You can accept a lottery prize through legal structures such as a blind trust that can protect your identity. In this case, the winner created the Good Karma Family 2018 Nominee Trust. Her lawyer, William Shaheen, accepted the lump sum prize of $352 million (approximately $264 million after taxes) on her behalf.

What’s the first thing she did with her new fortune? She donated almost $250,000 to charity – and has plans to donate up to $50 million. Way to make lemonade.

If you win the lottery, make sure to do this one thing.

Growing number of states move to shield lottery winners

Lottery: How to win the jackpot

Seven-time lottery game grand prize winner Richard Lustig tips on his advice to win the Mega Million and Powerball jackpots.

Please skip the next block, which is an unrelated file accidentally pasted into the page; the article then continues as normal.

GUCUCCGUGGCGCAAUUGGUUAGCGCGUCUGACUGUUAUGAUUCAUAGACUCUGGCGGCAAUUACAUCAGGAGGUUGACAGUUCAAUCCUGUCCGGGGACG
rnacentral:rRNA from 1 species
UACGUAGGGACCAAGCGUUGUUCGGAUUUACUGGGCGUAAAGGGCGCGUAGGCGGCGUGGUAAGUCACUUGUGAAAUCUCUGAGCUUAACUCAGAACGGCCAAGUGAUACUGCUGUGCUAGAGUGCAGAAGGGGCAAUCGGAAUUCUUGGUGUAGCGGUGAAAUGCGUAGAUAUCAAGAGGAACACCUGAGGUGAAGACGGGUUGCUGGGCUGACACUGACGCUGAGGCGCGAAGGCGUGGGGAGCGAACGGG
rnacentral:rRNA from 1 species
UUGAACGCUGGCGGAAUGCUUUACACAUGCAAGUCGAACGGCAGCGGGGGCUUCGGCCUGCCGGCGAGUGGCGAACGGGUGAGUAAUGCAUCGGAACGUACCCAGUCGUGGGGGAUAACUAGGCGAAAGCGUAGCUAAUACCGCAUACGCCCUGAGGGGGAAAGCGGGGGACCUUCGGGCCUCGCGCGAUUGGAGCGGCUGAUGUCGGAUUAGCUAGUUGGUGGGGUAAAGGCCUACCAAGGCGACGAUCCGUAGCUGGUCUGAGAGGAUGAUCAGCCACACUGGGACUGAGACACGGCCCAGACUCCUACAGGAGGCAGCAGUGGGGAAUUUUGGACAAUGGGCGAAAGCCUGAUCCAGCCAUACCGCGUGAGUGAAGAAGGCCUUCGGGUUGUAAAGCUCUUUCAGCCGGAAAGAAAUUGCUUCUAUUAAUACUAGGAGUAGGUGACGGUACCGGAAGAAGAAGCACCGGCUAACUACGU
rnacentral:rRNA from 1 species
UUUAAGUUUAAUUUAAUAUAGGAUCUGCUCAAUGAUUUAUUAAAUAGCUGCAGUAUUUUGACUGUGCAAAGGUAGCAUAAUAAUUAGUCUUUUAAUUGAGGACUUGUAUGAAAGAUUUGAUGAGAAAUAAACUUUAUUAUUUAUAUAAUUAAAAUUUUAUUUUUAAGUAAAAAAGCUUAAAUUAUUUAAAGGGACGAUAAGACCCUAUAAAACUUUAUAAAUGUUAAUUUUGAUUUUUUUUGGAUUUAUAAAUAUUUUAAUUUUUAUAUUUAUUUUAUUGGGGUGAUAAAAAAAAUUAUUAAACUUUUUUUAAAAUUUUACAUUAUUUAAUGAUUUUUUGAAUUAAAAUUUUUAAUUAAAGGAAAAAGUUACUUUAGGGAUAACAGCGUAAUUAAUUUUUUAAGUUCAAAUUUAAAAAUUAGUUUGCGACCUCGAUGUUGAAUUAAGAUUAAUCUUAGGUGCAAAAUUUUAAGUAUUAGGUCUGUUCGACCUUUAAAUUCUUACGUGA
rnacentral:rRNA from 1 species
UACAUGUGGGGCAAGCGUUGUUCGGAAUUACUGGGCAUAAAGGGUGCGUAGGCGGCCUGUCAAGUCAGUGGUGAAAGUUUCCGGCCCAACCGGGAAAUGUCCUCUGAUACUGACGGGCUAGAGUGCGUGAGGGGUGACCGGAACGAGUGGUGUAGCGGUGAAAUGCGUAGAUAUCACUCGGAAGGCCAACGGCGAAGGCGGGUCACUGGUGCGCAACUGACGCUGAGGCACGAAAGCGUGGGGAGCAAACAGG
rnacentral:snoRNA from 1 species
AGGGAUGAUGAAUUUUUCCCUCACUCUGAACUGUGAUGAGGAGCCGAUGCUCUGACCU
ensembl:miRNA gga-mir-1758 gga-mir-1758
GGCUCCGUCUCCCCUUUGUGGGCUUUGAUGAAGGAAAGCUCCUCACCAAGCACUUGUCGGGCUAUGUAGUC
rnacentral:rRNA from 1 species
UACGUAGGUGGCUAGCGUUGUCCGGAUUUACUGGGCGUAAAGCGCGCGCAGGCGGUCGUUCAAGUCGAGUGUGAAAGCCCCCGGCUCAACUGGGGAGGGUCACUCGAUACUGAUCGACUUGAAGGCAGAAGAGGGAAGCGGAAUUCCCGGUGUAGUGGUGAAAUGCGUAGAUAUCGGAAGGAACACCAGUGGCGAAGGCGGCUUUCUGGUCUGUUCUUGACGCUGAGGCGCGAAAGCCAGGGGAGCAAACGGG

A growing number of states are moving to allow the winners of big lottery jackpots to stay anonymous as privacy concerns are increasingly trumping lottery groups’ wishes to publicize winners to boost sales and show that the games are fair.

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Arizona could be the next state to join at least nine others with laws that let winners keep their names secret under a proposal headed to Republican Gov. Doug Ducey. Four years ago, just five states allowed anonymous winners, and a handful of others allowed trusts to claim prizes.

At least eight state legislatures considered measures shielding winners’ names this year. Virginia’s governor signed legislation allowing winners of $10 million or more to remain anonymous. Proposals in Arkansas and Connecticut failed, while efforts in Massachusetts, Minnesota and Oregon are still being considered.